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A Spanish woman in a traditional gypsy dress on Wednesday watches horses and carts unload from a ferry boat onto the coast of Donana National Park near Sanlúcar de Barrameda, Spain. More than 1 million people are expected to make the pilgrimage to the city of El Rocío this week. It is Spain's largest Catholic pilgrimage.
A Spanish woman in a traditional gypsy dress on Wednesday watches horses and carts unload from a ferry boat onto the coast of Donana National Park near Sanlúcar de Barrameda, Spain. More than 1 million people are expected to make the pilgrimage to the city of El Rocío this week. It is Spain's largest Catholic pilgrimage. (Scott Schonauer / S&S)
A Spanish woman in a traditional gypsy dress on Wednesday watches horses and carts unload from a ferry boat onto the coast of Donana National Park near Sanlúcar de Barrameda, Spain. More than 1 million people are expected to make the pilgrimage to the city of El Rocío this week. It is Spain's largest Catholic pilgrimage.
A Spanish woman in a traditional gypsy dress on Wednesday watches horses and carts unload from a ferry boat onto the coast of Donana National Park near Sanlúcar de Barrameda, Spain. More than 1 million people are expected to make the pilgrimage to the city of El Rocío this week. It is Spain's largest Catholic pilgrimage. (Scott Schonauer / S&S)
A Spanish man tries to steer a cart off a ferry boat near Sanlúcar de Barrameda on Wednesday.
A Spanish man tries to steer a cart off a ferry boat near Sanlúcar de Barrameda on Wednesday. (Scott Schonauer / S&S)
A Spanish woman on a horse waits along the beach across from Sanlúcar de Barrameda, Spain.
A Spanish woman on a horse waits along the beach across from Sanlúcar de Barrameda, Spain. (Scott Schonauer / S&S)
A cart on Wednesday is pulled through the beach at Donana National Park, near Sanlúcar de Barrameda, Spain.
A cart on Wednesday is pulled through the beach at Donana National Park, near Sanlúcar de Barrameda, Spain. (Scott Schonauer / S&S)
A Spanish woman on Wednesday stands holding onto the horns of an ox aboard a ferry transporting people and a silver processional piece from Sanlúcar de Barrameda, Spain, across the Guadalquivir River to Donana National Park.
A Spanish woman on Wednesday stands holding onto the horns of an ox aboard a ferry transporting people and a silver processional piece from Sanlúcar de Barrameda, Spain, across the Guadalquivir River to Donana National Park. (Scott Schonauer / S&S)

SANLÚCAR DE BARRAMEDA, Spain — They come from across Spain and as far away as Alabama, arriving by foot, horseback, covered wagon, even in a Japanese-made four-wheel drive SUV.

Every year, pilgrims make the dusty trek to a small town between the cities of Huelva and Seville to pay homage to La Virgin del Rocio. They have fun with friends they see every day and amigos they see only once a year.

Romeria del Rocio, or Pilgrimage to The Rocio, is one of Spain’s biggest festivals and most popular religious pilgrimages. This year’s event is expected to attract more than 1 million people over the weekend.

Carlos Nuanes, 82, a retired U.S. Navy lieutenant, has participated in the last 44 pilgrimages, going back to the time he was stationed at Naval Station Rota. The town of Rocio is about 125 miles by car from Rota.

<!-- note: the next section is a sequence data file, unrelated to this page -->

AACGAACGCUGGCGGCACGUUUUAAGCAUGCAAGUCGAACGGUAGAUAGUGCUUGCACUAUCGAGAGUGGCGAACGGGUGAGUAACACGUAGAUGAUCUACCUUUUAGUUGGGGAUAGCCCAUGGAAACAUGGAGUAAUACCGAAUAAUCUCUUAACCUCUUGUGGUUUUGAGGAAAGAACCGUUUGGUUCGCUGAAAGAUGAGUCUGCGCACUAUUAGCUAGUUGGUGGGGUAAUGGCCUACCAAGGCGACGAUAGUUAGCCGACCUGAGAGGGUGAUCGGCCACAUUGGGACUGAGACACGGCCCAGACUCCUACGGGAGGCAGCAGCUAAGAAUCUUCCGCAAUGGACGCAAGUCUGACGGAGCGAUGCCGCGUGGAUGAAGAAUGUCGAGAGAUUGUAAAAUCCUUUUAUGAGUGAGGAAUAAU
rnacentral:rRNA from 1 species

“I like it,” said Nuanes, who retired in Spain in the 1960s. “You meet so many people.”

Pilgrims from Rota and El Puerto de Santa Maria began making the pilgrimage on Tuesday. Most people belong to “brotherhoods” that make the journey together, sharing food, wine and music.

Nuanes’ brotherhood in Sanlúcar started Wednesday by crossing the Guadalquivir River to Donana National Park, a marshland reserve, by a ferry barge.

Many people take the Catholic pilgrimage seriously, dressing in traditional outfits.

On Wednesday, the men climbed aboard the ferry in their wide-brimmed bolero hats and tall black boots, while the women followed wearing frilly, colorful gypsy dresses. A temporary chain-link fence separated the hundreds of onlookers from the passing brotherhoods on horseback and wooden carriage

A pair of oxen pulling a silver altar piece stood in the center surrounded by pilgrims who sang, danced and clapped to the rhythm of a couple playing flutes and drums.

Once they got to the other side of the river, pilgrims met with friends and took a break by eating or singing before resuming the pilgrimage. The caravan of carriages is slow, and there are many breaks along the way to make time for eating, drinking and flamenco dancing.

The pilgrimage began centuries ago. Legend has it that a hunter found a small statue of the Virgin Mary in a hollowed tree trunk near the village of Almonte, an area known for its marshlands. When word spread about the discovery, people came to the area to pray.

Today, people come every spring to take part in the festivities. On Monday, the statue of the Virgin Mary will be brought out and people will parade it through the city’s streets. Women on balconies will shower it with flowers and people will clamor to touch it. It takes nearly all day to carry the statue along a route that is less than a mile long.

The festival is not just a religious event. Nuanes’ wife, Leilani, 66, said the pilgrimage and the events afterward are opportunities to have fun with friends.

“There’s something about Rocio,” said Leilani Nuanes, who has been participating in the pilgrimage the last 20 years.

“It doesn’t matter who you are or what you do, whether you’re a president or a bartender. They just go to have fun.”

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